Law used to ban ‘head shop’ drug deemed unconstitutional

Court rules regulation making possession of methylethcathinone invalid

Methylethcathinone or “Snow Blow”. Photograph: Revenue handout/file photo

Methylethcathinone or “Snow Blow”. Photograph: Revenue handout/file photo


A law used to ban a psychoactive substance sold lawfully in “head shops” until 2011 has been found to be unconstitutional.

In a judgment concerning what the Court of Appeal described as a “constitutional issue of far-reaching importance”, the three-judge court unanimously ruled as invalid a regulation making illegal the possession of a stimulant, methylethcathinone.

The court said section 2(2) of the 1977 Misuse of Drugs Act, under which the regulation was brought in, was unconstitutional because it purported to give the government law-making powers which are the exclusive authority of the Oireachtas.

The State has indicated it may seek to appeal against the decision to the Supreme Court on a point of exceptional public importance.

The case concerned a prosecution of a man for possession for sale of methylethcathinone which was among a number of substances put on the controlled drugs list in 2010.

Legal challenge

Stanislav BederevHigh Court

Mr Justice Gerard Hogan, on behalf of the Court of Appeal, said section 2(2) of the 1977 Act was repugnant to article 15.2.1 of the Constitution which vests sole exclusive power to make laws in the Oireachtas. The fundamental objective of principles and policies in relation to this constitutional provision is to ensure legislative power is not ceded by the Oireachtas “under the guise of regulatory power”, he said.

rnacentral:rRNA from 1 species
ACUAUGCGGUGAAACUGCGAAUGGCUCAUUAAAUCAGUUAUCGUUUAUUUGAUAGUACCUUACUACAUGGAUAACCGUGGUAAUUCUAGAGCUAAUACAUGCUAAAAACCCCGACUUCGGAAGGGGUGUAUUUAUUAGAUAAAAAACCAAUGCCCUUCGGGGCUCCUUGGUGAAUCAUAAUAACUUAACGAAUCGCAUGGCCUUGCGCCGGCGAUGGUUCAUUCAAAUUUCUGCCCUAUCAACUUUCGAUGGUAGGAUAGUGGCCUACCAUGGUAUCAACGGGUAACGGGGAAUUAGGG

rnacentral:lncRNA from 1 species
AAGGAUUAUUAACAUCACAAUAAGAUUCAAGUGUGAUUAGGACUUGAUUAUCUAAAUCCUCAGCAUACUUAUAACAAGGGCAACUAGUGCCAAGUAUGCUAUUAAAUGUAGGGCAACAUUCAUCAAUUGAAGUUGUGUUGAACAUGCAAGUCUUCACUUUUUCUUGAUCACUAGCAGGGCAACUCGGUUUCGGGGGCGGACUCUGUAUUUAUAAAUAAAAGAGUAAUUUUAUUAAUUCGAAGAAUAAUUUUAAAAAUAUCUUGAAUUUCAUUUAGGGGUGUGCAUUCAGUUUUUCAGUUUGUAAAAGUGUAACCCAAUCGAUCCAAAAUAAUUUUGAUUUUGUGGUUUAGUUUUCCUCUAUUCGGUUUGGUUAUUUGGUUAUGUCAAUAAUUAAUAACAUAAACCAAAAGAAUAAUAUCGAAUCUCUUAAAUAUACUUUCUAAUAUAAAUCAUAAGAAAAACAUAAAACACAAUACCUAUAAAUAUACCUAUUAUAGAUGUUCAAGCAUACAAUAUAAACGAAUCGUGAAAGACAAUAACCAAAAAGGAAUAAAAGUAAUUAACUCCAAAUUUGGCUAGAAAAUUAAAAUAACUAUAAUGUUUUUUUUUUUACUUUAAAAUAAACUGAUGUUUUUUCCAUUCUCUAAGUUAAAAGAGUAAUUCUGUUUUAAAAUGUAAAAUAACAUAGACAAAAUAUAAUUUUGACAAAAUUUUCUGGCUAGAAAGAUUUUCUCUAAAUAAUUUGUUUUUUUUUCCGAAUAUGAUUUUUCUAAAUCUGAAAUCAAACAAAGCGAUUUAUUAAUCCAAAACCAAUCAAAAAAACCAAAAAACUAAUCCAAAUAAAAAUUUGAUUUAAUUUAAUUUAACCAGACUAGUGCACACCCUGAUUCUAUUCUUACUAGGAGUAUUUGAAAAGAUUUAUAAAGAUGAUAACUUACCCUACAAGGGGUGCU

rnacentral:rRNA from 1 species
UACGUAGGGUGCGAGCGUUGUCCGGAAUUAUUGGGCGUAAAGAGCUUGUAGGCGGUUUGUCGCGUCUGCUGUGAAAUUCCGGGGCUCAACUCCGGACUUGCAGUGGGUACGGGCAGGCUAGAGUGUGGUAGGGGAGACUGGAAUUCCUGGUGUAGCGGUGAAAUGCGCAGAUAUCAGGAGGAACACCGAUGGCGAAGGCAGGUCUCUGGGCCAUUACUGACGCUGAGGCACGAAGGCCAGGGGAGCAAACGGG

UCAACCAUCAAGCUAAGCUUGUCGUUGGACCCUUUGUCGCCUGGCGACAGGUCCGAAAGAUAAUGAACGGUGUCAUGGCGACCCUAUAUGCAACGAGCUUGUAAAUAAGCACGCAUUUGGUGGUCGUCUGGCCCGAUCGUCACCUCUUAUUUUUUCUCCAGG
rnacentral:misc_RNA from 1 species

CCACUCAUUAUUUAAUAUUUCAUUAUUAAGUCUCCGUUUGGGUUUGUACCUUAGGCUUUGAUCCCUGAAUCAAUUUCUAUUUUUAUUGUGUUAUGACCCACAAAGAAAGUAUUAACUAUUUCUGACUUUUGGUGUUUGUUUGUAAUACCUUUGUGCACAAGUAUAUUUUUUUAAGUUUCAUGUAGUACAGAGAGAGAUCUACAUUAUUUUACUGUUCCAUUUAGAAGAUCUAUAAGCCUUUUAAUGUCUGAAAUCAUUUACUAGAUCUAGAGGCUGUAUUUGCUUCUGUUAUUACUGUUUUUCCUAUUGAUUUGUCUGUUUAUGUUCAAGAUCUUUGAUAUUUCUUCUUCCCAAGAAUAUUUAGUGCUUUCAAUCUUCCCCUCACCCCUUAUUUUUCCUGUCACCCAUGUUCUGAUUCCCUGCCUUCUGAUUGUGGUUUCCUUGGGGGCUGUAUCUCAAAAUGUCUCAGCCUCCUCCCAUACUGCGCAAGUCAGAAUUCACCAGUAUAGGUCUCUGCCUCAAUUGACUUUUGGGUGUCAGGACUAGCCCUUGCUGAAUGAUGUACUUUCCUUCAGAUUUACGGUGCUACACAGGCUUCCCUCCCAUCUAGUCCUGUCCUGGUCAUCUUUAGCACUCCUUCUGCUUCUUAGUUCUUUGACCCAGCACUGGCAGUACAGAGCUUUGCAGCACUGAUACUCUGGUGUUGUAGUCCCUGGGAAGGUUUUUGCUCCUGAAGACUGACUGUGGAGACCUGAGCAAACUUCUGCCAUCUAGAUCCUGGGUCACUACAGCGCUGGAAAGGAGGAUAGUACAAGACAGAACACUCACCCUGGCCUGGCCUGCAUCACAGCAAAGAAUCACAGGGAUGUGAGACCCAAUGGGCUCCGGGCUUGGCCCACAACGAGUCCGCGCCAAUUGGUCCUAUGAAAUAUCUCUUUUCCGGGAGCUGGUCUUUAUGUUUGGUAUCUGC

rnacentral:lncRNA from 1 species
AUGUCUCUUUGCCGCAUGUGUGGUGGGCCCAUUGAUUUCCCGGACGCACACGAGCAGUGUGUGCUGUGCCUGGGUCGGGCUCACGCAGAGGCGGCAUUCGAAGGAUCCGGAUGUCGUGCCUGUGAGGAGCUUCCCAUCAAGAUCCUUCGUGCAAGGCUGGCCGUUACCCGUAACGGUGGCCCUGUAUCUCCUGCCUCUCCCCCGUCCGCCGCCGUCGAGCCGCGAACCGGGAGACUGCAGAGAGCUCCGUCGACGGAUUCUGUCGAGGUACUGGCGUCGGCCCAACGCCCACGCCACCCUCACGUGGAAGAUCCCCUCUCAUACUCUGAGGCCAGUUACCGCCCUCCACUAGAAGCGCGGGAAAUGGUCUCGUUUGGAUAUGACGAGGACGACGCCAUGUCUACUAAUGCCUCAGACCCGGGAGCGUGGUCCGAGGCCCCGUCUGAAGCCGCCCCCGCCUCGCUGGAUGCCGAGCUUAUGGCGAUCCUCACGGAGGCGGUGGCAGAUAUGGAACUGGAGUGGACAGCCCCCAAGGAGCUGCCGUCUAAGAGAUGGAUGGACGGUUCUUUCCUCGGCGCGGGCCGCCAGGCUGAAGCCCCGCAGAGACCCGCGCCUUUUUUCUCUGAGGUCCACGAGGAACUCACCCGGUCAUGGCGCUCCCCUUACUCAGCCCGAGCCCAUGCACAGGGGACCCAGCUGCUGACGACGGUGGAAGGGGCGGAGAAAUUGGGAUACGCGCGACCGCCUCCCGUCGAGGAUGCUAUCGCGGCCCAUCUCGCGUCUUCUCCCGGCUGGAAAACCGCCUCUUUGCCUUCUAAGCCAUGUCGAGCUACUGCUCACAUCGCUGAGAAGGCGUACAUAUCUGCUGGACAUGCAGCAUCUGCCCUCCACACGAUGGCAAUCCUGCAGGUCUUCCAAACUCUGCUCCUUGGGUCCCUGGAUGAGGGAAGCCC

The Government is “more or less at large” under the Act to declare substances controlled drugs but no principles or policies about the nature of these substances are contained in section 2(2) of the Act, he said.


It might be asked whether it would be open to the government to employ the same law to ban other types of drugs such as alcohol and tobacco, he said. In the Bederev case, the fundamental choice remained with the government, for the purposes of the 1977 Act, as to which dangerous or harmful drugs were liable to such misuse they should be declared controlled drugs.

The use of terms such as “misuse”, “dangerous” and “harmful” in the title of the 1977 Act “represent laudable and desirable objectives”, he said. However, those terms in themselves did not constitute sufficient restriction on the more or less unlimited power of regulation vested in the Government by section 2(2) of the Act in relation to what substances should be declared controlled drugs, he said.